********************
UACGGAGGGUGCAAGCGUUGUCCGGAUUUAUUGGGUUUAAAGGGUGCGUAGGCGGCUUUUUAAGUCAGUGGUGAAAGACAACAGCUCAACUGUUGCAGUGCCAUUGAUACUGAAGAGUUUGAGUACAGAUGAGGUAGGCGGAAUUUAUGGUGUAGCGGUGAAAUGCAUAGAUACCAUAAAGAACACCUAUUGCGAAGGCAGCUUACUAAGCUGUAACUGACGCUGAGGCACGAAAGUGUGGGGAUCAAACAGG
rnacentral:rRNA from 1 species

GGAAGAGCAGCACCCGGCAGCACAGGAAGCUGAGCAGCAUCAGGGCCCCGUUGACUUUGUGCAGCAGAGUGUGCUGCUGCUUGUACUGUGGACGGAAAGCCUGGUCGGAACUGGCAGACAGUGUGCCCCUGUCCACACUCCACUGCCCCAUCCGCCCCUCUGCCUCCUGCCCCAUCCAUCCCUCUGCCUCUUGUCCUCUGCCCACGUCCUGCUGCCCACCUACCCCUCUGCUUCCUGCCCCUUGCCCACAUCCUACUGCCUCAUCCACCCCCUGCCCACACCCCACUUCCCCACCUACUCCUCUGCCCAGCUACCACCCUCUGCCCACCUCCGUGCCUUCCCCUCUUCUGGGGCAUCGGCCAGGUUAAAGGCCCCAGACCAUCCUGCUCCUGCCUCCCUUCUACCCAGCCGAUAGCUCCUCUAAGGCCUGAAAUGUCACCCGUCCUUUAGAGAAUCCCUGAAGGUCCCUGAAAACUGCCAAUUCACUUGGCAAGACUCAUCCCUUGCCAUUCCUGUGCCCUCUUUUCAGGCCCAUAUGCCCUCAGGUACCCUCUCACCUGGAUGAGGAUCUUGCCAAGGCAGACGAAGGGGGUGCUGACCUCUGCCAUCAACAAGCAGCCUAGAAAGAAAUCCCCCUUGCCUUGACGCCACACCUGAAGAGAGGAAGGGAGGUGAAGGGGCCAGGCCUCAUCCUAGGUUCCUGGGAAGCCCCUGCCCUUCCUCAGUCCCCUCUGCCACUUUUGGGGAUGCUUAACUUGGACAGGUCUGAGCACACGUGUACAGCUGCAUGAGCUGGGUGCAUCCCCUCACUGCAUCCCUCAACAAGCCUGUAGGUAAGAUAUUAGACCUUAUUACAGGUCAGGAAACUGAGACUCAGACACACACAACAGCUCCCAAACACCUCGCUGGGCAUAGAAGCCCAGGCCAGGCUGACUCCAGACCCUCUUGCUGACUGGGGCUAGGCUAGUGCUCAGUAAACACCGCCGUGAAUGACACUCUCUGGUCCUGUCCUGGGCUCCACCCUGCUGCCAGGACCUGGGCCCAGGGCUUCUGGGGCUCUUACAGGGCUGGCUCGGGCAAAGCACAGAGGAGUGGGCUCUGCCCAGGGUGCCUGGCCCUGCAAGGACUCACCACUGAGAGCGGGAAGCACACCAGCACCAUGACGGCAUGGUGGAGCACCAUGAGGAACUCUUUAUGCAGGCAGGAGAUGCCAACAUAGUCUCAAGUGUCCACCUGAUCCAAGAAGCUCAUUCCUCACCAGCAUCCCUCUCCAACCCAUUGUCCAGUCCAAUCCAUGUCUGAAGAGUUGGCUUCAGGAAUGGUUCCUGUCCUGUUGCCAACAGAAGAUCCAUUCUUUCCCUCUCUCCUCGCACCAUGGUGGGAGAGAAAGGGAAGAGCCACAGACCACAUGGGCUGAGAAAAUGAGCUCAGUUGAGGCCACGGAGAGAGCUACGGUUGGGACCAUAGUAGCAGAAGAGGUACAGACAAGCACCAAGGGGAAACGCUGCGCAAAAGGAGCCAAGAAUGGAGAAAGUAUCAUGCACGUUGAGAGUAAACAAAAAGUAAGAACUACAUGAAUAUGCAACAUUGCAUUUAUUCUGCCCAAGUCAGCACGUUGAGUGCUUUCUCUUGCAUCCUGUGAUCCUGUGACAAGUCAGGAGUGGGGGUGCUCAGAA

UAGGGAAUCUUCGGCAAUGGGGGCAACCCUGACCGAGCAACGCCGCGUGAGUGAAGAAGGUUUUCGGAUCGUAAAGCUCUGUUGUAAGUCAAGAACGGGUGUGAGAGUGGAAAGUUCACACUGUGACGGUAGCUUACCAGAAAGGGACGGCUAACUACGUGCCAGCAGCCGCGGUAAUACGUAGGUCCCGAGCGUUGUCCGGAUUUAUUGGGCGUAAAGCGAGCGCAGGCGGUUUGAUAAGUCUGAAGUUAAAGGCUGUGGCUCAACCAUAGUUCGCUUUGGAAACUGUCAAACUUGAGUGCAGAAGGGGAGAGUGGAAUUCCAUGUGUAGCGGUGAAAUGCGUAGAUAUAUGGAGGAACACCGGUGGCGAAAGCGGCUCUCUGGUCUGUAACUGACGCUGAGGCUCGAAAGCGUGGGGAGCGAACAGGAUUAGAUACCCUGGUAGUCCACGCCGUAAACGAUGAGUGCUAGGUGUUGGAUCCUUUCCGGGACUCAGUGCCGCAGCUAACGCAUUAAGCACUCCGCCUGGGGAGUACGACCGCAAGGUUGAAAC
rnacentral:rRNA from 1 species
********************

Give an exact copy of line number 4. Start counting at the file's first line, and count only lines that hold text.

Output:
UAGGGAAUCUUCGGCAAUGGGGGCAACCCUGACCGAGCAACGCCGCGUGAGUGAAGAAGGUUUUCGGAUCGUAAAGCUCUGUUGUAAGUCAAGAACGGGUGUGAGAGUGGAAAGUUCACACUGUGACGGUAGCUUACCAGAAAGGGACGGCUAACUACGUGCCAGCAGCCGCGGUAAUACGUAGGUCCCGAGCGUUGUCCGGAUUUAUUGGGCGUAAAGCGAGCGCAGGCGGUUUGAUAAGUCUGAAGUUAAAGGCUGUGGCUCAACCAUAGUUCGCUUUGGAAACUGUCAAACUUGAGUGCAGAAGGGGAGAGUGGAAUUCCAUGUGUAGCGGUGAAAUGCGUAGAUAUAUGGAGGAACACCGGUGGCGAAAGCGGCUCUCUGGUCUGUAACUGACGCUGAGGCUCGAAAGCGUGGGGAGCGAACAGGAUUAGAUACCCUGGUAGUCCACGCCGUAAACGAUGAGUGCUAGGUGUUGGAUCCUUUCCGGGACUCAGUGCCGCAGCUAACGCAUUAAGCACUCCGCCUGGGGAGUACGACCGCAAGGUUGAAAC